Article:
The New Encyclopedia of the American West by The American West is an evocative term that conjures up images of cowboys and Indians, covered wagons, sheriffs and outlaws, and endless prairies as well as contemporary images ranging from national parks to the oil, aerospace, and film industries. In addition, the West encompasses not only the past and present of the area west of the Mississippi but also the frontier as it moved across each of the fifty American states, offering the promise of freedom and a better life to pioneers and settlers in every era. This authoritative, comprehensive, and lavishly illustrated single-volume encyclopedia is a rich source of information about these many American West, real and imaginary, old and new, stretching from coast to coast and throughout the country’s history and culture. The encyclopedia, a thoroughly revised and expanded version of Howard Lamar’s acclaimed twenty-year-old Reader’s Encyclopedia of the American West, consists of more than 2,400 entries in alphabetical order by more than 300 contributors, along with over 600 illustrations and maps (four times more than in the original edition). The book includes articles by such authorities as Leonard J. Arrington on Mormonism, Anne Butler on prisons and prostitutes, John Mack Faragher on the fur trade, California, and television and radio westerns, Martha Sandweiss on photography, and Ron Tyler on western prints. Among the other topics covered are: the formative period of each state; the diplomacy of American expansion; important discoverers and mountain men; major Native American tribes, their leaders, and culture; pivotal women such as Sacagawea, Annie Oakley, and Willa Cather; African Americans, Asian Americans, and Mexican Americans on the western frontier; novelists, artists, and filmmakers and the real and fictional people they turned into mythic heroes or villains; politicians from Benjamin Franklin to Ronald Reagan; major cities and landmarks; and conservation and wildlife issues. The West continues to be a symbol of both America’s frontier past and its troubled future. This book is an indispensable introduction to its endlessly fascinating story.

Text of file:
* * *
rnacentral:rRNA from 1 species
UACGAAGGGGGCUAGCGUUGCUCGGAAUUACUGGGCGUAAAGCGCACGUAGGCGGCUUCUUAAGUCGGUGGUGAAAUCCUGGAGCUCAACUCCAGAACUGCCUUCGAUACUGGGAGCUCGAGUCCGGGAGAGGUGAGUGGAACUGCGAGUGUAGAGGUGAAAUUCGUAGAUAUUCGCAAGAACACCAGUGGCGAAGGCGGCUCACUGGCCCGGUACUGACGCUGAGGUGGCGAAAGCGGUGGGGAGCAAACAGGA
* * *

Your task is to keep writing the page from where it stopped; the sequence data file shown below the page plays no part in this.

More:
Call Number: Available onleine as an e-book
Publication Date: 1998-09-23
The Southwest by The Southwest has attained a mythical status, yet images of picturesque desert geography sometimes overshadow the remarkable variety of cultural contributions that originated in the region, which includes Arizona, Nevada, New Mexico, and Texas. Architectural styles range from adobe constructions to the Santa Fe style to Frank Lloyd Wright's landmark Taliesin to Las Vegas casino kitsch. Regional dialects show the influence of Spanish-English hybrid speech as well as a multitude of Native American languages. Border music thrives in the region, while legendary musicians Leadbelly, Blind Lemon Jefferson, and Stevie Ray Vaughan all contributed to the Texas blues genre. Writers such as Zane Grey and Cormac McCarthy have invented and reinvented the Southwestern tale, while such films as the seminal "The Last Picture Show" have painted indelible images of Southwestern life. Meanwhile, the American wildlife preservation movement has roots in 19th century Southwest lands and to this day maintains an especially imporant role in Southwestern sports and recreation. Mark Busby, director of the Southwest Regional Humanities Center, presents an authoritative reference on the unquestionably diverse and vibrant aspects of regional cultures in the American Southwest. "The Greenwood Encyclopedia of American Regional Cultures" is the first rigorous reference collection on the many ways in which American identity has been defined by its regions and its people. Each of its eight regional volumes presents thoroughly researched narrative chapters on Architecture; Art; Ecology & Environment; Ethnicity; Fashion; Film & Theater; Folklore; Food; Language; Literature; Music; Religion; and Sports & Recreation. Each book also includes a volume-specific introduction, as well as a series foreword by noted regional scholar and former National Endowment for the Humanities Chairman William Ferris, who served as Consulting Editor for this encyclopedia.
Call Number: Available as an e-book
Publication Date: 2004-12-30